Enchanting Education on the Emerald Isle: Pilot Program Kicks Off
Picture this: A Davidson College professor, students and a stuffed toy cat perched on a stack of hexagonal rocks overlooking the Irish Sea.
To understand how we ended up here, let’s rewind to the morning of May 25, in the Dublin Airport. Sixteen students arrived excited, albeit jetlagged, and ready to jump into a summer abroad. From school visits to paddle boarding, conversations with politicians, and tours of city hall, Davidson in Northern Ireland covered it all, making for some photogenic moments along the way.
Student photographer Sydney Schertz ’24 documented the trip. Here are some highlights, selected by Schertz.
We kicked things off in Dublin, touring the Book of Kells and the Old Library, two historical landmarks of Trinity College’s campus. We also explored the city via scavenger hunt, walking tours, and an essential (culturally-relevant) stop into the Guinness Storehouse at St. James’ Gate.
After a few days in Dublin, we headed to Belfast, our home for the next five weeks. We got acquainted with the town, local restaurants, and our Ulster University hosts. Through an Ulster and Davidson partnership, we would soon dive into discussions on Northern Ireland’s intricate history and its influence on contemporary educational systems.
As our studies began, we toured Belfast City Hall and Northern Ireland’s Parliamentary Building, or Stormont. Each visit brought additional nuance to our conversations.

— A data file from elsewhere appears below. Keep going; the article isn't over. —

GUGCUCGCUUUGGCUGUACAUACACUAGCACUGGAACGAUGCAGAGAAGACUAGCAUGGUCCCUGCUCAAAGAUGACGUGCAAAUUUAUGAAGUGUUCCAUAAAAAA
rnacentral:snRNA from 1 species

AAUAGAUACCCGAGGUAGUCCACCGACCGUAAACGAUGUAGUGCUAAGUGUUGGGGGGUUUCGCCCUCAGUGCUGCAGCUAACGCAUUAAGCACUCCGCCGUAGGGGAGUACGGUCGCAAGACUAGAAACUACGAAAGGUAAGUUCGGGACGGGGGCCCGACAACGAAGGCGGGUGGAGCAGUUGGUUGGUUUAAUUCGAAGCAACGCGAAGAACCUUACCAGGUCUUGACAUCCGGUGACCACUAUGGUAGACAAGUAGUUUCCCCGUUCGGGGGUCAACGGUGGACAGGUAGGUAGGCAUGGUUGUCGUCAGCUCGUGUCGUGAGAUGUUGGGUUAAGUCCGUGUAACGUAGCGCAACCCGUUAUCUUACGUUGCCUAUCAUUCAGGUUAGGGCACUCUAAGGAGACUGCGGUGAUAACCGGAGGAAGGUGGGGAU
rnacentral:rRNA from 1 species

We filled the next few weeks with lively discussions, incredible views, and great company. After a week of class and school visits, we drove up to the northern coast, stopping to paddleboard and kayak in the Irish Sea. Yes, it was as cold as you might imagine.
This takes us to the Giant’s Causeway. After a morning of ocean activities, we trekked down to the landmark that gets its name from a folktale. Mountain on one side, ocean on the other, the Giant’s Causeway was a trip highlight.
We visited local primary and secondary schools, engaging with teachers and students to gain valuable insight into educational policy and practice in Northern Ireland.
We also played Gaelic Football, a popular sport in Ireland. It essentially combines rules from soccer and rugby–with a few curve balls thrown in.
Nature offered a true green theme. We explored beautiful hills, sandy beaches, and colorful towns. The craggy rock beaches and lush colored grasses will forever stand out to me.
As our program came to a close, we soaked in as much of the city and culture as possible. Small groups took the renowned Black Cab Tours led by locals who were experts on the history of the violent sectarian conflict known as “The Troubles”. This period, which spanned the 1960s to 1990s, has left a tangible impact on Northern Ireland society.
Our time in Northern Ireland was academically and personally enriching. We experienced new cultures, gained invaluable knowledge, and forged new friendships.